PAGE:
Perhaps nowhere is the group dining scene more competitive than in Las Vegas, where mega properties with scores of F&B celebrity-chef-branded restaurants vie for the attention of delegates and individual diners alike.

“Every celebrity chef has a space here in Vegas, and they all want to say they went to Julien Asseo, and all these guys, and we have Guy Fieri at the Rio,” says Leticia Eagle, executive banquet chef at Rio All Suite Hotel & Casino, of how consumer tastes have gone decidedly upscale in Las Vegas in recent years. “But in the convention service, when we’re doing these big receptions we challenge any celebrity chef to do a better job than we do. We would throw down with Bobby Flay or anybody with our food.”

Eagle, who hails from Oaxaca, Mexico, and worked with such celebrated chefs as California Cuisine innovator Alice Waters, Thomas Keller of The French Laundry, Annie Roberts at Robert Mondavi Winery, and master Mexican cuisine chef Rick Bayless, learned early on that no matter how many “covers” are coming out of the kitchen at any given time, the watchword is always “fresh.”

“Everything that I do now is based on that foundation of keeping everything fresh and organic,” Eagle says. “We as chefs have to go above and beyond to assure the food quality is as fresh as we can do it. From preparation to service time there’s only a window of about 40 minutes so our food doesn’t sit in a hot box. So those are the challenges that we face every day.”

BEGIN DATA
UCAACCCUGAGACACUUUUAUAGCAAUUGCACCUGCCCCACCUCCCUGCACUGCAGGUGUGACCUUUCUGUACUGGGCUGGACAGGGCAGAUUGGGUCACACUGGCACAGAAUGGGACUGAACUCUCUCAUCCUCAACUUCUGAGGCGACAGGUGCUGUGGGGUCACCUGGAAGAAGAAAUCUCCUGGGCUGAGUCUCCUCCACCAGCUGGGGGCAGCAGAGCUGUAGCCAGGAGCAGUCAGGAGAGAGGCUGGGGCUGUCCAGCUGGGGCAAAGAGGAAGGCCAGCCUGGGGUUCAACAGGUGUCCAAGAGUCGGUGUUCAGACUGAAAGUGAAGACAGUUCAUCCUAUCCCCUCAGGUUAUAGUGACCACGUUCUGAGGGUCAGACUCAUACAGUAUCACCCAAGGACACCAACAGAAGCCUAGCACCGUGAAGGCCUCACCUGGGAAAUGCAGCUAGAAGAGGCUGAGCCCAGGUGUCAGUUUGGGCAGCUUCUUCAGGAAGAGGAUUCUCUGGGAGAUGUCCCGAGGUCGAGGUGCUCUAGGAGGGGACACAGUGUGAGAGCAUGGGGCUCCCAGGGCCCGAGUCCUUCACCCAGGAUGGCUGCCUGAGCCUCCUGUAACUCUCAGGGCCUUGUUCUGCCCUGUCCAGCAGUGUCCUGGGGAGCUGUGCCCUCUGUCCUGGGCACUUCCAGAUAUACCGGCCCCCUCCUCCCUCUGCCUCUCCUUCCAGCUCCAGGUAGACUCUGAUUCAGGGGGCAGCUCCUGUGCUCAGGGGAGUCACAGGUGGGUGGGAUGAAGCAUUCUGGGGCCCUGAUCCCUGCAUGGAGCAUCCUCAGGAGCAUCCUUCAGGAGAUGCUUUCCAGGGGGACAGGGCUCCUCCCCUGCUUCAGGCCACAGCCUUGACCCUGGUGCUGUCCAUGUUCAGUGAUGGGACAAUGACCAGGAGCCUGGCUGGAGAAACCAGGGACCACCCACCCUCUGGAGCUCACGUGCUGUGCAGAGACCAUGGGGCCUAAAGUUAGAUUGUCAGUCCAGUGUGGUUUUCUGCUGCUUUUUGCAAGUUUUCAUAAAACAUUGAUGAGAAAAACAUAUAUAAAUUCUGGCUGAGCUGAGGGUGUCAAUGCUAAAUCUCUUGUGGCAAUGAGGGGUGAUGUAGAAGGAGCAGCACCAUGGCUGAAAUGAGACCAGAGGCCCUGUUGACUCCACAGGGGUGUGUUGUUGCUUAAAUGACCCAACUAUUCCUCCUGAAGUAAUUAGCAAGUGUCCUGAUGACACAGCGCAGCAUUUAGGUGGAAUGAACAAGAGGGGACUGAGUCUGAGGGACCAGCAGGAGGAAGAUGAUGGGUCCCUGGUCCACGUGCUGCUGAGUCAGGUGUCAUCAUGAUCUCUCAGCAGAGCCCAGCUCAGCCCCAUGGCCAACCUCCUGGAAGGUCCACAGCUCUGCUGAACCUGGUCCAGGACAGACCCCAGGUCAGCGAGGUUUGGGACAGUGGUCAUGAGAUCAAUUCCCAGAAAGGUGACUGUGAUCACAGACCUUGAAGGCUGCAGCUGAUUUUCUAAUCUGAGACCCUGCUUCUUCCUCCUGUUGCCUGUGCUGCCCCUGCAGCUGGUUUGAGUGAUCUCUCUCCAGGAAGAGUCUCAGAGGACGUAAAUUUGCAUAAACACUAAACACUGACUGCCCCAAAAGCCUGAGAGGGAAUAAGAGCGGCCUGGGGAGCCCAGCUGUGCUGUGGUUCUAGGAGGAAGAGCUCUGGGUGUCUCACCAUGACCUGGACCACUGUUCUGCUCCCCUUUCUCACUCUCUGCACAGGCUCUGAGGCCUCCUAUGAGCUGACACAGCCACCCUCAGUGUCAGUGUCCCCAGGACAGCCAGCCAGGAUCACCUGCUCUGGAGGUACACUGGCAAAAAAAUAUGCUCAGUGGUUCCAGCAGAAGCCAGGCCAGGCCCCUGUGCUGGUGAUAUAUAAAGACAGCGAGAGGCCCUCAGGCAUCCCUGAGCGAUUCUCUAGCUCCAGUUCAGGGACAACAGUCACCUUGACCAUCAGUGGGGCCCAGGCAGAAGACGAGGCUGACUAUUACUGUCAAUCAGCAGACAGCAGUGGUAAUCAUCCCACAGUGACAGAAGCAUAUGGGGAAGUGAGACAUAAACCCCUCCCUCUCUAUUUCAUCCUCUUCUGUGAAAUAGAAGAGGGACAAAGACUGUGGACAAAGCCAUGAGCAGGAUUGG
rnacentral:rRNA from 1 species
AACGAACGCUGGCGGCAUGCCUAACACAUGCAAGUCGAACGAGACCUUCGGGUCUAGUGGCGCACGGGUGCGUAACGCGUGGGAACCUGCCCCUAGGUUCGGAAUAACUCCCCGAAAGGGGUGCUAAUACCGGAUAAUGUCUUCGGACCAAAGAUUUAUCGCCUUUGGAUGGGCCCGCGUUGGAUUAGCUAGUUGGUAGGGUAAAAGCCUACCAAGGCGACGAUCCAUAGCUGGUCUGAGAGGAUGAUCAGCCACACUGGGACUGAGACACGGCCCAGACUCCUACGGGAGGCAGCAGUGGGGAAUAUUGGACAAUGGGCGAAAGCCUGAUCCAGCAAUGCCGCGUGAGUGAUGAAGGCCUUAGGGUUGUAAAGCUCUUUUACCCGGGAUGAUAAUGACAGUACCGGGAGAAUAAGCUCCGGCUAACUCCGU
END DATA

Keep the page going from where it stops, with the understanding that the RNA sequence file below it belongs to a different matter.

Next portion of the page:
Besides Rio, where she can serve as many as 10,000 meals per week, Eagle has also been pressed into duty at many of the other Las Vegas Caesars Entertainment F&B operations.

“I’m fortunate that they move me around to do large events throughout the company,” Eagle says, such as being part of the opening crew for Bacchanal Buffet at Caesars Palace, where she was in charge of the Mexican station and helped with the Italian station, and working with Guy Fieri at Rio’s El Burro Borracho.

Group Offerings
According to Eagle, group dining trends to watch out for include interactive stations, tapas and other small-plate fare, along with energy snacking, sustainanble/healthy meals and pairing, whether it be beer, wine or cocktail combined with a complementary tapas bite.

When it comes to working with meeting planners, Eagle stresses the need to know the profile of one’s group, and especially any religious, cultural or food allergy necessities.

Adding that she can massage a banquet or other menu with group profile and individual needs firmly in the fore, Eagle says modern consumers now come to the table with all manner of preferences and restrictions.

“There are some very strict vegan groups,” she says. “We’re doing breakfast, lunch and dinner for 1,500 next week for five days. It’s a Humane Society group, so we have to have all non-animal products—not even honey—so we’re using silk milk, almond milk and lots of fresh vegetables.”

Eagle says her signature entree is the Tomahawk ribeye, which features a mole sauce informed by her native Oaxaca, where learning how to perfect the bittersweet chocolate-based delicacy is practically a birthright.

“My grandmother trusted me enough to cook for the family when I was little,” Eagle says. “It’s just been engraved in my soul.”